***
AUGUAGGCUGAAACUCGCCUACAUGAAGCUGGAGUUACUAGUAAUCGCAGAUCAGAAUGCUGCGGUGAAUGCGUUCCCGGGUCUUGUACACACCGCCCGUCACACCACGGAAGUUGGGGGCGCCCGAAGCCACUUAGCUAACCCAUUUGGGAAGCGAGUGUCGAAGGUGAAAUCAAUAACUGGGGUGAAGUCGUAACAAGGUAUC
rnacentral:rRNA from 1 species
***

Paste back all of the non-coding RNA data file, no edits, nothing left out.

AUGUAGGCUGAAACUCGCCUACAUGAAGCUGGAGUUACUAGUAAUCGCAGAUCAGAAUGCUGCGGUGAAUGCGUUCCCGGGUCUUGUACACACCGCCCGUCACACCACGGAAGUUGGGGGCGCCCGAAGCCACUUAGCUAACCCAUUUGGGAAGCGAGUGUCGAAGGUGAAAUCAAUAACUGGGGUGAAGUCGUAACAAGGUAUC
rnacentral:rRNA from 1 species